A review of tonight's "Boardwalk Empire" coming up just as soon as the room is as occupied as a room can get...

"What sense that make? We headed to different places." -Chalky

There's always been this pattern with each season of "Boardwalk Empire." You get midway through any year of this show, and you start wondering exactly where these stories are going, why the writers are spending so much time on characters who seem like dead ends, when Richard Harrow's going to take out his gun collection, etc. In those previous years, all the seeming randomness and narrative throat-clearing inevitably led to a riveting final three or four episodes that inevitably made you realize that almost all of what seemed like a waste of time was actually really important to the great conclusion.

With its shorter length, large amount of story ground to cover, plus the decision to spend time on Nucky's origin story, season 5 has suffered more notably from those mid-season blahs. But if "Devil You Know" — instantly one of a handful of the very best episodes this show has ever made — is any indication, the conclusion to this season, and series, will be even more powerful than what's come before.

Obviously any episode that killed off either of Chalky White or Nelson Van Alden, let alone both, would be a memorable outing. But the way in which Howard Korder and company saw those two off was masterful: one shocking in its suddenness, one devastating in its inevitability.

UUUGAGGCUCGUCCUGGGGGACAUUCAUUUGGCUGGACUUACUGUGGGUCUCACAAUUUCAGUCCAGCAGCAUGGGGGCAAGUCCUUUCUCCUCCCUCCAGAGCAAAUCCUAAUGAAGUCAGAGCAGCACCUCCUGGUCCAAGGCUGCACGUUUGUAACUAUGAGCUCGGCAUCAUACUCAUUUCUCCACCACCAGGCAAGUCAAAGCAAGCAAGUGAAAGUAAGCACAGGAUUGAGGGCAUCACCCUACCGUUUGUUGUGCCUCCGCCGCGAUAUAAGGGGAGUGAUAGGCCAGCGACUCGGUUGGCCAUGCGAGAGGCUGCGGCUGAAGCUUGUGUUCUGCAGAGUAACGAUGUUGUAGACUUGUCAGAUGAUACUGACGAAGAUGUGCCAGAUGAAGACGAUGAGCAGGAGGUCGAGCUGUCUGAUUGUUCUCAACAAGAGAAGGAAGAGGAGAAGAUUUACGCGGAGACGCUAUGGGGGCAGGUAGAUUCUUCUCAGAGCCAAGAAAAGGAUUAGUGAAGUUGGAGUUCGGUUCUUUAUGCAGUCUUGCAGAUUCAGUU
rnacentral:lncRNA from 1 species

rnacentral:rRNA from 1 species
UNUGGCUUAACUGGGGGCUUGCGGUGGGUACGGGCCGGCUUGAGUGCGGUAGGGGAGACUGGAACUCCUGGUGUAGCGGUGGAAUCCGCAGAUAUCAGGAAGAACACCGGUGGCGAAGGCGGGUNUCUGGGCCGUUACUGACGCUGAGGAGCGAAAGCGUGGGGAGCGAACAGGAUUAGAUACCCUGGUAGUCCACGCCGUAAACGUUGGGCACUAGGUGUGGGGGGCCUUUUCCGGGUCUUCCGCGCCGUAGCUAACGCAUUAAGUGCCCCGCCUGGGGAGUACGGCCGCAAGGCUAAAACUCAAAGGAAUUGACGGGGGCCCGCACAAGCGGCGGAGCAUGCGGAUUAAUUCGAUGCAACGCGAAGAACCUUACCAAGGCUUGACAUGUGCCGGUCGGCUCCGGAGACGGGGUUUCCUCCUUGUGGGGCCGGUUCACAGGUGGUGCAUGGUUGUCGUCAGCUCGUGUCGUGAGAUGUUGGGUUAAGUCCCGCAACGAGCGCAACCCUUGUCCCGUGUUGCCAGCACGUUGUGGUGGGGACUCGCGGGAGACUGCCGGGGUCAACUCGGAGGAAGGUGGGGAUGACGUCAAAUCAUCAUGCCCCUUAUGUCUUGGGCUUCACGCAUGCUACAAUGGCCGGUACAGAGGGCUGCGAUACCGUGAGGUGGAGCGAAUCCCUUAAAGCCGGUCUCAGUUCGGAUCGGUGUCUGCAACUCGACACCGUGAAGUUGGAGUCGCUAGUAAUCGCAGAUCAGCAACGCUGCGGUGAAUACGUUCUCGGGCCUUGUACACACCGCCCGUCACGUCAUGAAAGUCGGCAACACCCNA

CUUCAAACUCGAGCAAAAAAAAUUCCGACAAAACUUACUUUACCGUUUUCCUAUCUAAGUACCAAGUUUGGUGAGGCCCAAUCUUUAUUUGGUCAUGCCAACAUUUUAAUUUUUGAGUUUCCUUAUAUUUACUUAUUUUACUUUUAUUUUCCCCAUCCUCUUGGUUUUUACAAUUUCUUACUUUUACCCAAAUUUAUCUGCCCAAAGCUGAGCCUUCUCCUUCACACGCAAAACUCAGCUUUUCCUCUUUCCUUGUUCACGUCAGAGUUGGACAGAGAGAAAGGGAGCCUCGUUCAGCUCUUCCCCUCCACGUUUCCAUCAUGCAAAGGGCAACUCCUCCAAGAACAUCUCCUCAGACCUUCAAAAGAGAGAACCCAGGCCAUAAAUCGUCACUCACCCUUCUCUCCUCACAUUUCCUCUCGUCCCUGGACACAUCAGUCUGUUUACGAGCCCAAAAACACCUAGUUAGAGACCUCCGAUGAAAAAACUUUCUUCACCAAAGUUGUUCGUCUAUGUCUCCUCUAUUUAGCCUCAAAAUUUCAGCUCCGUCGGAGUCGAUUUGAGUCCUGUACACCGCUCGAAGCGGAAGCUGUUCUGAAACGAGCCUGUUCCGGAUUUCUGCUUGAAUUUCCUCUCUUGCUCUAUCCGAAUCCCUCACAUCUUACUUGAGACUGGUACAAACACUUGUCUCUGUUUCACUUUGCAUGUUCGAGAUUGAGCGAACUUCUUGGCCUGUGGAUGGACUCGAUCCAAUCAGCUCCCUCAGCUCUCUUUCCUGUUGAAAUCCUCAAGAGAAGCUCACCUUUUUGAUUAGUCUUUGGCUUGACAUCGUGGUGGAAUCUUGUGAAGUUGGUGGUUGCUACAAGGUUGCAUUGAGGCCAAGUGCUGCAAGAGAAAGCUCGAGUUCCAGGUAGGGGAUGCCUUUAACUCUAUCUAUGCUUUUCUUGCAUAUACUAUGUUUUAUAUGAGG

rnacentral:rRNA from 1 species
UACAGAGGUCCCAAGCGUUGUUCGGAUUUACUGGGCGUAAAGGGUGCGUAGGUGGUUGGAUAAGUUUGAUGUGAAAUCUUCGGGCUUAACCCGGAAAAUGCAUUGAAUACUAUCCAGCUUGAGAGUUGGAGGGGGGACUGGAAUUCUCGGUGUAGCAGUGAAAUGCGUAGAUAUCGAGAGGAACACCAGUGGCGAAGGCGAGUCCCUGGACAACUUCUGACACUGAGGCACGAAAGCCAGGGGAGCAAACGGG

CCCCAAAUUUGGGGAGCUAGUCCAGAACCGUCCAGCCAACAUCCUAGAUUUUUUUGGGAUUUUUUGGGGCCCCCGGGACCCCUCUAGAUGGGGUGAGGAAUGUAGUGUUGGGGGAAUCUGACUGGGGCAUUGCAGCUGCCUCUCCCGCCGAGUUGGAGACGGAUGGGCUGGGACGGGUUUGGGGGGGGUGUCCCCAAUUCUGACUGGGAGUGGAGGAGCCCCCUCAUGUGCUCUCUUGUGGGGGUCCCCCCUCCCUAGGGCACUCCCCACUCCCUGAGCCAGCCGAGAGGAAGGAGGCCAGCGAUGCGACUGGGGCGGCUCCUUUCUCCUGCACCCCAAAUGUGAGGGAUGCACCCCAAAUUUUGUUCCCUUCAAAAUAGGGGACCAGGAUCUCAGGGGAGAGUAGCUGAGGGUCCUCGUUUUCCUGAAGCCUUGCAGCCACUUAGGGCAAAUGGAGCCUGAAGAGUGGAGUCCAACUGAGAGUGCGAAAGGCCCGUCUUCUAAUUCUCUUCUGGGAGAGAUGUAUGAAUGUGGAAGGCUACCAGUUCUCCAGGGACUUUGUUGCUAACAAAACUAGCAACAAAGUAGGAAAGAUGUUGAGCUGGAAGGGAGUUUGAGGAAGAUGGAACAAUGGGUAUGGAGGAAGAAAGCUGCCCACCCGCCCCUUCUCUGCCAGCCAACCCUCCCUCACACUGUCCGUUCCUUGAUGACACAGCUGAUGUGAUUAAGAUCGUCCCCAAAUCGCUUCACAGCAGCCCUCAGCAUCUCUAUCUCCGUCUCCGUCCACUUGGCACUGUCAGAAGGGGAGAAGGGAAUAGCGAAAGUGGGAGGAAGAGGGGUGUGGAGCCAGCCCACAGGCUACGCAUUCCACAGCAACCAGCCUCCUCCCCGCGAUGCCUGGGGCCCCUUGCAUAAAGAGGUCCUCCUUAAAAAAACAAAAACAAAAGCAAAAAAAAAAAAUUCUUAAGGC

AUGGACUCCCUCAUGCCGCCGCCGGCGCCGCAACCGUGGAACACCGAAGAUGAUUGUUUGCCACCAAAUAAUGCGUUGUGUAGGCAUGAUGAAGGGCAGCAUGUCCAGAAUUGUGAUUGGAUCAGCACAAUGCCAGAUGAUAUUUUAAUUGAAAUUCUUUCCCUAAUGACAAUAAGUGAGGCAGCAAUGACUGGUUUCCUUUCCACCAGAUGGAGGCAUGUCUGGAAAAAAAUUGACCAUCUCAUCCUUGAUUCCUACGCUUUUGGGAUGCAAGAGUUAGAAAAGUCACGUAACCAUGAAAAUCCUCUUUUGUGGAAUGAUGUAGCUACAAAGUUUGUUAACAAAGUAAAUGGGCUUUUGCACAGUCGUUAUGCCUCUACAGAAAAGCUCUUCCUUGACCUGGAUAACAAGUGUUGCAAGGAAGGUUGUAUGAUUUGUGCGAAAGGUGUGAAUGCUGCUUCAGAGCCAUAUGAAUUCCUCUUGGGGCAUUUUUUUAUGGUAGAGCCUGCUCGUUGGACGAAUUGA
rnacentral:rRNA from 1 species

Van Alden's someone I imagine the show would have gotten rid of years ago if he wasn't played by Michael Shannon, and he essentially became a wholly new character after season 2 — which is why it was so satisfying that his end should come because of the sins he committed in his previous life, and should come right at the moment when he is loudly declaring his allegiance to that life, including the utterance of his real name and the sort of Old Testament rhetoric he made a habit of back in the days when he wore a badge. That his death should come at the hands of another Treasury agent — one who either disappeared too deeply into the undercover role for a moment or decided to save his own skin (because what were the odds of him and Tweedledee and Tweedledum getting out of that suite alive if Tweedledee succeeded?) — only makes his death more appropriate, as belated justice for Agent Sebso. I never thought the episode was actually going to go full Tarantino and let one of its fictional characters murder its most famous real character, but Shannon's performance was so vivid and full-throated — and Nelson's explosion such a welcome catharsis after he had spent so many years (three for us, nearly a decade for him) as a bullied, henpecked, cowering loser — that it seemed possible for a second or two there.